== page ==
A taste of ambiguity within The Tempest
"...in late Shakespeare generally, the effect of the poetry is to promote uncertainty and to insist on ambiguity..."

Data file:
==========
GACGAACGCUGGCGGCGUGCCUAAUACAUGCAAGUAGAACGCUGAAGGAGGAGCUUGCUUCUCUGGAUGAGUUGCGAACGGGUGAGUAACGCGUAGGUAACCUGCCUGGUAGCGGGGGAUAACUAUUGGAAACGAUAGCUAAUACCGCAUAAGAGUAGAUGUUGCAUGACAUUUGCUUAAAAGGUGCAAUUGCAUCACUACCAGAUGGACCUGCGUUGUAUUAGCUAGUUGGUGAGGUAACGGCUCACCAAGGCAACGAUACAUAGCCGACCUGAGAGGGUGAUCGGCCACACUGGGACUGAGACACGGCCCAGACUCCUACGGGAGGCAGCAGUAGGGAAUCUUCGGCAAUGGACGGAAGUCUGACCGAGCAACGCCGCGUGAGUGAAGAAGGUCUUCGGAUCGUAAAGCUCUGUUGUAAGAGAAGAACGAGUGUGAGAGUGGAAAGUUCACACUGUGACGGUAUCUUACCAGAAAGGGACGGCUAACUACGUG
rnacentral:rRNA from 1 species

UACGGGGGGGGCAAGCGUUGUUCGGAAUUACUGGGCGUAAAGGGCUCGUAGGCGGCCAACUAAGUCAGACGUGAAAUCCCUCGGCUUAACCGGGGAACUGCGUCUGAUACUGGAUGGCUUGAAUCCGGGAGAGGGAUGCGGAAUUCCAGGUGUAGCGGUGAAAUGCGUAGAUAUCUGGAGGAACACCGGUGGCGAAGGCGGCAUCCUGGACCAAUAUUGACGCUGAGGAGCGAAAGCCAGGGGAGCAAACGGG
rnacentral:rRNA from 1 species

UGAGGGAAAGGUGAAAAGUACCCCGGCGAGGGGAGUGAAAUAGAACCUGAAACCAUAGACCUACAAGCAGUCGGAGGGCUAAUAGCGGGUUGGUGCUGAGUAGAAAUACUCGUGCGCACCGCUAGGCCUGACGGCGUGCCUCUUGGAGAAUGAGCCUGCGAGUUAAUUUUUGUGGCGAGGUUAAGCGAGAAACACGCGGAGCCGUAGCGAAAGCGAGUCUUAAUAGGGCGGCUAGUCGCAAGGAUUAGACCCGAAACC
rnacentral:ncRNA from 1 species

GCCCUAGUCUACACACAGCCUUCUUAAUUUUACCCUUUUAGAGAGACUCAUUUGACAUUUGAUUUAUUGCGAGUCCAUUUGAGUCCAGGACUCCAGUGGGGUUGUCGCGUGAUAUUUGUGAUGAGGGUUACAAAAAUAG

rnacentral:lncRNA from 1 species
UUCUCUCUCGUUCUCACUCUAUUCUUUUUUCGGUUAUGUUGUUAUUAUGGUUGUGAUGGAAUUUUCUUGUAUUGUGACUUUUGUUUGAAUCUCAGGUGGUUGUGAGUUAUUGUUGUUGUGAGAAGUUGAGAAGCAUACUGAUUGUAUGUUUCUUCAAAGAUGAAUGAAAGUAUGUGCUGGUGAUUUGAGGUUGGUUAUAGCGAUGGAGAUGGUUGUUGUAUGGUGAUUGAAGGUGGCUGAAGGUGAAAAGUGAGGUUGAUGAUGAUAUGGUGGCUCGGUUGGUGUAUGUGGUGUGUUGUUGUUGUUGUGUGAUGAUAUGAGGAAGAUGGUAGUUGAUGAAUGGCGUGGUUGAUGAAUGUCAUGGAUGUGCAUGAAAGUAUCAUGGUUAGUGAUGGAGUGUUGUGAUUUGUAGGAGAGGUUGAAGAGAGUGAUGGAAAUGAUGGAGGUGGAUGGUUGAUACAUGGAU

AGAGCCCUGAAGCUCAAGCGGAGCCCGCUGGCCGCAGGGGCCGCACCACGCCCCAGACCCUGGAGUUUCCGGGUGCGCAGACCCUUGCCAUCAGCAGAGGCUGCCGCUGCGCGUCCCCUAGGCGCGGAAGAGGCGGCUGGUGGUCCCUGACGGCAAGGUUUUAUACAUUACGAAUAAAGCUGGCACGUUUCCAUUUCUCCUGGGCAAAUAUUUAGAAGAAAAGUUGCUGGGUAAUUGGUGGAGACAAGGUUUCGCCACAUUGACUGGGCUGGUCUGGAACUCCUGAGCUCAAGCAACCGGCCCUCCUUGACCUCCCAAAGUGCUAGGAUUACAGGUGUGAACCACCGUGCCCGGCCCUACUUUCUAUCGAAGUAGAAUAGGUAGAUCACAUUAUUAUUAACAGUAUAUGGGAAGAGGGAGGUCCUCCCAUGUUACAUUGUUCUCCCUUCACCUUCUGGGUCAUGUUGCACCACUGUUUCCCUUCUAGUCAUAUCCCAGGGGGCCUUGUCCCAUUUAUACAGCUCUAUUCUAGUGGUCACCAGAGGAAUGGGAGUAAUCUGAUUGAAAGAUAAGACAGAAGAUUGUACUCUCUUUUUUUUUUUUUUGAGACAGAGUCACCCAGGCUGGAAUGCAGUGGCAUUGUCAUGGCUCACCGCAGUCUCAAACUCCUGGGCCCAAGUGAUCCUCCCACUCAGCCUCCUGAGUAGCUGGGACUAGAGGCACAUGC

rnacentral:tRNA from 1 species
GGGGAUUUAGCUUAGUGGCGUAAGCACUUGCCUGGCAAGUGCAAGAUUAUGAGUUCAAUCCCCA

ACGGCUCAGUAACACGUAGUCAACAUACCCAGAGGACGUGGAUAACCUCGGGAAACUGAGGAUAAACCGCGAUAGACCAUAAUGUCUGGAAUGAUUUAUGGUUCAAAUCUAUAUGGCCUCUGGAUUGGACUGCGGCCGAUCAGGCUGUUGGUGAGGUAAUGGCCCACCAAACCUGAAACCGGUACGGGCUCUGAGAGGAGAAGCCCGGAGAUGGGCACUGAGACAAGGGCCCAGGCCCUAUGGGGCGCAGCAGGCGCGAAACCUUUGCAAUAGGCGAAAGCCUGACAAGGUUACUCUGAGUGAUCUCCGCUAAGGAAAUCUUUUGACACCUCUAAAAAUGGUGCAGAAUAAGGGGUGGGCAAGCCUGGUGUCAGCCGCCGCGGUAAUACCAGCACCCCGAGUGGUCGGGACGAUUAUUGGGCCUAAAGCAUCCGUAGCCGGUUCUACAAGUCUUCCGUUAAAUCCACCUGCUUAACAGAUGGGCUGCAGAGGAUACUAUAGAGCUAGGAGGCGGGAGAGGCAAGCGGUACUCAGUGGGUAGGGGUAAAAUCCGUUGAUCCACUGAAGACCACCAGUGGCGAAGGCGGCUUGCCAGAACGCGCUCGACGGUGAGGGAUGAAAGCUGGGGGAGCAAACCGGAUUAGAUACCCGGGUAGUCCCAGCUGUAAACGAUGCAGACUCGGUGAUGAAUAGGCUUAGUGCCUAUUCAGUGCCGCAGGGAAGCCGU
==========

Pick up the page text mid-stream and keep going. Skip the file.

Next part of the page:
I really agree with McDonald here. As I read The Tempest, I found it to be a lot more open ended than previous Shakespeare works that I am familiar with. One particular moment where I didn't really know what to think was Prospero's last few lines within the epilogue. He seeks forgiveness from the audience by asking them to applaud him, but I am not sure what he is asking pardon for, exactly. He mentions that he the audience would be able to do this by forgiving him of his crimes, but I don't know which crimes he has committed. Sure, he has kidnapped Ariel, but he also is saving him, in a sense. I know that if I would have seen The Tempest back in the 16th century, I don't think I would know why to applaud him at the end of the play. We could applaud him and the crew for their performance, but to relieve him of his guilt? I don't see why we would.